According to the Center for Human Rights and Democracy in Central Africa (CHRDA), on August 13, Cameroonian soldiers raided the village of Mautu in the Southwest Region and killed seven unarmed civilians. The victims, including an elderly man and a pregnant woman known as ‘Mami Blessing,’ were reportedly shot at close range in their homes. Before these killings, the military raided a church on the outskirts of Mautu and shot the church’s pastor. The soldiers executed two boys alongside the pastor and shot another as he tried to escape. The soldiers allegedly invaded the church because the worshipers sympathized with separatist ideology. The CHRDA reported that they were unaware of any ongoing investigation into the incident.
On August 11, multiple media outlets reported the beheading of 32-year-old Comfort Tumassang by suspected Anglophone separatists. The incident took place in Muyuka, Southwest Region. A video circulating on social media that day showed a woman seated on the ground with her hands tied behind her. She begged for mercy before she was beheaded; her body was left in the street. Human Rights Watch also reviewed a second video, filmed before the killing, showing separatists interrogating and threatening Tumassang, whom they accused of collaborating with the military. The three main Anglophone separatist groups–the Ambazonia Governing Council, the “interim government” led by Sisiku Julius Ayuk Tabe, and its splinter faction led by Samuel Ikome Sako–condemned the killing and denied responsibility for the crime.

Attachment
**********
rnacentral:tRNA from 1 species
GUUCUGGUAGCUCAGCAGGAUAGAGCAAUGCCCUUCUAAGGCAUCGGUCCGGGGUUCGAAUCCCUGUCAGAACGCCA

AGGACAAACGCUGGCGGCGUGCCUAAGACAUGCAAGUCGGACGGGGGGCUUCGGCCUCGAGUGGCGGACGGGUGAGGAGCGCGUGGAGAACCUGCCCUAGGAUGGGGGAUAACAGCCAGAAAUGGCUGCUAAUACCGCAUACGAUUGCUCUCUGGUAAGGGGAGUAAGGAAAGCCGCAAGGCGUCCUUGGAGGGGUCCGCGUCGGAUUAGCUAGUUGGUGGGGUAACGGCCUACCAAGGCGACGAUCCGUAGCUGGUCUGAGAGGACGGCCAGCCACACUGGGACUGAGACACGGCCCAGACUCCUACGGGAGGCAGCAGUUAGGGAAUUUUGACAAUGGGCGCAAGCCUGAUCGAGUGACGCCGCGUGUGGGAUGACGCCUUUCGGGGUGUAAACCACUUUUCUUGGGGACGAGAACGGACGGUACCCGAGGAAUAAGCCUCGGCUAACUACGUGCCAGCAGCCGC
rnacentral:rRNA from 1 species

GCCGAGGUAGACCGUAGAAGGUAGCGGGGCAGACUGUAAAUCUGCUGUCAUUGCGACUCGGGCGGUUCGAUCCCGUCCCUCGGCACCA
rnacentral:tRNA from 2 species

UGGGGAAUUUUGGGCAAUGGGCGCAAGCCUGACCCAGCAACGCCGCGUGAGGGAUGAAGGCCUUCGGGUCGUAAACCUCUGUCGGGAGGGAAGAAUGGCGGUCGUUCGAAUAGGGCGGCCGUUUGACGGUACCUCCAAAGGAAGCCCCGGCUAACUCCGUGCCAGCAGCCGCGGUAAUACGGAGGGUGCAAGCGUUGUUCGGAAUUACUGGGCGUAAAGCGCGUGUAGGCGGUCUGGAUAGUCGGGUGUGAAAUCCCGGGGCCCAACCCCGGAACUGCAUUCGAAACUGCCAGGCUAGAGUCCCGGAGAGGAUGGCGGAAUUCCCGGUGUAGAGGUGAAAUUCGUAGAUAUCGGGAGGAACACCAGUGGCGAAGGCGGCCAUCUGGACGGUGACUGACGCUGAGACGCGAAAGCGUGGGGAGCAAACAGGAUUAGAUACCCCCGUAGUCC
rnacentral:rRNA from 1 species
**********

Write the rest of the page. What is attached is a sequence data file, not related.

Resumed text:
On November 24, suspected Islamist terrorists attacked the village of Gabas, located within Mayo Tsanaga in the Far North Region, killing three civilians. On November 25, a member of the Gabas vigilance committee, Jean Baptiste Yagai, told the media that terrorists attacked at about 7:00 p.m., hours before the normal time that residents leave the village to hide in the surrounding hills every evening to avoid Boko Haram and ISIS-WA attacks. The assault on Gabas was the latest in a series of attacks by Boko Haram and ISIS-WA in the Far North Region, especially within Mayo Tsanaga and Mayo Sava. In November at least six civilians were killed in attacks in Mayo Sava, while five civilians were killed and at least four others abducted in Mayo Moskota.